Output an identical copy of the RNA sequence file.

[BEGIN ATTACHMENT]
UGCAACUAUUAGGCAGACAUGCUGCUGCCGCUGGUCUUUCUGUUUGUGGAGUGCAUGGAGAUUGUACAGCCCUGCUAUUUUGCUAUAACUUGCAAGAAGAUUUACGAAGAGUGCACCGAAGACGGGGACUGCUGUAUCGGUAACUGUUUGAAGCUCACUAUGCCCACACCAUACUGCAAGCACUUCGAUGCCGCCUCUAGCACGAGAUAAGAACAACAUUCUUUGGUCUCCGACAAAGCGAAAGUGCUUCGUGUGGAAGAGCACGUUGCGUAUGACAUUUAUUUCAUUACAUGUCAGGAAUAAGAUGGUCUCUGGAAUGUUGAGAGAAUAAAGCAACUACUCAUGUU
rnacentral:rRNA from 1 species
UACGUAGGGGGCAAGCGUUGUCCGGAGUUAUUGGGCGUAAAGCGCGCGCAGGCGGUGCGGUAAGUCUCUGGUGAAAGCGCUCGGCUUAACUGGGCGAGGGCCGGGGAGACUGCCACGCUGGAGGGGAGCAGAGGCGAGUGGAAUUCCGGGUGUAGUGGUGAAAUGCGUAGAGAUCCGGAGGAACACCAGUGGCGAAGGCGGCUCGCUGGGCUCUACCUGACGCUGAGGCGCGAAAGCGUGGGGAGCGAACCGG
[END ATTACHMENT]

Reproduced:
UGCAACUAUUAGGCAGACAUGCUGCUGCCGCUGGUCUUUCUGUUUGUGGAGUGCAUGGAGAUUGUACAGCCCUGCUAUUUUGCUAUAACUUGCAAGAAGAUUUACGAAGAGUGCACCGAAGACGGGGACUGCUGUAUCGGUAACUGUUUGAAGCUCACUAUGCCCACACCAUACUGCAAGCACUUCGAUGCCGCCUCUAGCACGAGAUAAGAACAACAUUCUUUGGUCUCCGACAAAGCGAAAGUGCUUCGUGUGGAAGAGCACGUUGCGUAUGACAUUUAUUUCAUUACAUGUCAGGAAUAAGAUGGUCUCUGGAAUGUUGAGAGAAUAAAGCAACUACUCAUGUU
rnacentral:rRNA from 1 species
UACGUAGGGGGCAAGCGUUGUCCGGAGUUAUUGGGCGUAAAGCGCGCGCAGGCGGUGCGGUAAGUCUCUGGUGAAAGCGCUCGGCUUAACUGGGCGAGGGCCGGGGAGACUGCCACGCUGGAGGGGAGCAGAGGCGAGUGGAAUUCCGGGUGUAGUGGUGAAAUGCGUAGAGAUCCGGAGGAACACCAGUGGCGAAGGCGGCUCGCUGGGCUCUACCUGACGCUGAGGCGCGAAAGCGUGGGGAGCGAACCGG